At The Motley Fool, we poke plenty of fun at Wall Street analysts and their endless cycle of upgrades, downgrades, and "initiating coverage at neutral." So you might think we'd be the last people to give virtual ink to such "news." And we would be -- if that were all we were doing.

But in "This Just In," we don't simply tell you what the analysts said. We'll also show you whether they know what they're talking about. To help, we've enlisted Motley Fool CAPS, our tool for rating stocks and analysts alike. With CAPS, we'll be tracking the long-term performance of Wall Street's best and brightest -- and its worst and sorriest, too.

And speaking of the best …
When ace stock picker Morgan Keegan recommended buying Research In Motion (NASDAQ:RIMM) early last month, I told Fools not to heed the Wall Street wizard's advice. I warned that the stock was too expensive and that despite having an otherwise stellar track record, MK was making a bad call on this one.

I was right.

Research In Motion closed at $102.67 on Sept. 8, down 6% in the face of Morgan Keegan's buy rating. Far from rebounding, the stock has since proceeded to lose another 33%.

Is it safe to buy now?
A 33% drop -- that'll upset almost any valuation calculation. When I said RIM was expensive at 150% of today's price last month, I hadn't a clue we'd get a chance to revisit the valuation less than 30 days later. But thanks to MK peer JMP Securities, we now have just that opportunity.

Yesterday, you see, JMP upgraded RIM to "market outperform." The reason? Prepare to be shocked: "The recent sharp sell off in Research In Motion presents investors with an opportunity to purchase a high-quality company at a reduced price."

That's not so much an opinion as a statement of the obvious. RIM is a high-quality company, and the stock's steep selloff has reduced its price. (Duh.) What JMP fails to mention is whether the price has been reduced enough to make RIM cheap. Yet ignoring this oversight, investors responded to yesterday's upgrade with a spate of tech-buying that lifted RIM shares nearly 11%. Fellow smartphone makers Apple and Nokia rose in sympathy. Heck, even Motorola (NYSE:MOT) was able to hitch a ride on this train!

But the question remains -- is JMP even on the right track?

Let's go to the tape
I'm skeptical. JMP has far from the best record on CAPS. The analyst gets more than half of its stock picks wrong, and in general, it underperforms more than 80% of the investing universe.

On tech stocks in particular, our tracking shows that JMP's been wrong on Advanced Micro Devices (NYSE:AMD), wrong on Omniture (NASDAQ:OMTR), and wrong on Texas Instruments (NYSE:TXN), Google (NASDAQ:GOOG), and Infosys (NASDAQ:INFY), too:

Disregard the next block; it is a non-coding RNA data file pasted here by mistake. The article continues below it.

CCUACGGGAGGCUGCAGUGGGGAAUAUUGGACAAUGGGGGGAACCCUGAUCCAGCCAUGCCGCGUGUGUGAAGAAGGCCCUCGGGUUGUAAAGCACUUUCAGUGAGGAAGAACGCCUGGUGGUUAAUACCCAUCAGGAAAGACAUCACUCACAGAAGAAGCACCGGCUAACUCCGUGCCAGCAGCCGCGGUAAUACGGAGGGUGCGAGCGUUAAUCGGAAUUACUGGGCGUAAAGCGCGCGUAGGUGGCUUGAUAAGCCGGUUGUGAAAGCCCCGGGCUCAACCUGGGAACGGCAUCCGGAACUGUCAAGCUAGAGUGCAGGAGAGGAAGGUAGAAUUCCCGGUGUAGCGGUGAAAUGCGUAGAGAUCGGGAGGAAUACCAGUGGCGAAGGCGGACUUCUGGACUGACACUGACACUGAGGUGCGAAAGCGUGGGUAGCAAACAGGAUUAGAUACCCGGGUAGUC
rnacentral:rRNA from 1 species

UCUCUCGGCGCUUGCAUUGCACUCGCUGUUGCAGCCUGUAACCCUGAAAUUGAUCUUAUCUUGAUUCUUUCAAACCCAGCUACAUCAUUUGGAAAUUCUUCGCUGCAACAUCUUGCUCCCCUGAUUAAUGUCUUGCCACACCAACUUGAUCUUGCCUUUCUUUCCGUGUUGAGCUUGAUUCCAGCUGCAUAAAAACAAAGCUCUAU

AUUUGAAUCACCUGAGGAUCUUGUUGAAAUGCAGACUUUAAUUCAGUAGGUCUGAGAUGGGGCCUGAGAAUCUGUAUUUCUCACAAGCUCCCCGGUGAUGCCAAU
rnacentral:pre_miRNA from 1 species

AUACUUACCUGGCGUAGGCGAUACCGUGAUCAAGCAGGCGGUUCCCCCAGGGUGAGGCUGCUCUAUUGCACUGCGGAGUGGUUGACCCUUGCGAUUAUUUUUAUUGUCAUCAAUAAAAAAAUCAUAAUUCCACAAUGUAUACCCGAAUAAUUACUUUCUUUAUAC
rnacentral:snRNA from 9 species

JMP Said:

CAPS Says (Out of 5):

JMP's Pick Lagging S&P by:




47 points




22 points

Texas Instruments 



15 points




9 points

Infosys Technologies 



2 points

Sure, JMP gets the odd tech pick right -- it's still in positive territory on Apple, for instance. But by and large, the record looks pretty darn miserable, so I hope you'll forgive me if I go into this analysis with an initial bias against heeding JMP's advice.

Time stops for JMP Securities
Still, I can't help invoking the old saw here: "Even a stopped clock is right twice a day." After running the numbers, I think Tuesday just might have been one of those times for JMP.

What's left of RIM's market cap currently values the company at just 25 times trailing earnings. And while my previous objections to RIM's anemic free cash flow remain in force, at last report it still give the company a price-to-free cash flow ratio of 34. Not as good as the price-to-earnings figure, admittedly, but good enough.

Foolish takeaway
If -- and this is a big "if," because it's a big number -- Research In Motion lives up to analysts' hyped projections of 38% annual profits growth over the next five years, then the stock finally looks cheap.

If you trust the analysts' projections and want to buy RIM today, you have my blessing. And if you trusted the analysts last month, and ignored my warning not to buy, you have my sympathy.

On Oct. 7, 2008, Fool Co-Founder David Gardner and his Motley Fool Pro team will invest $1 million in a portfolio designed to help you make money in any market. In the coming weeks, the team, relying heavily on proprietary CAPS "community intelligence" data, will establish long and short positions in a broad range of securities, including common stocks, publicly traded put and call options, and exchange-traded funds (ETFs). To learn more about Motley Fool Pro and to receive a private invitation to join, simply enter your email address in the box below.

Fool contributor Rich Smith owns shares of Nokia. Google is a Motley Fool Rule Breakers pick. Omniture and Apple are Stock Advisor recommendations. You can find him on CAPS, pontificating under the handle TMFDitty, where he's ranked No. 980 out of more than 115,000 players. The Fool has a disclosure policy.